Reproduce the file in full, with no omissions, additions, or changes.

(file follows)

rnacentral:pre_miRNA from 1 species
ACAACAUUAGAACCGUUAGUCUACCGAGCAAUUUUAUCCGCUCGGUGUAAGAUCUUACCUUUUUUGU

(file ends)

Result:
rnacentral:pre_miRNA from 1 species
ACAACAUUAGAACCGUUAGUCUACCGAGCAAUUUUAUCCGCUCGGUGUAAGAUCUUACCUUUUUUGU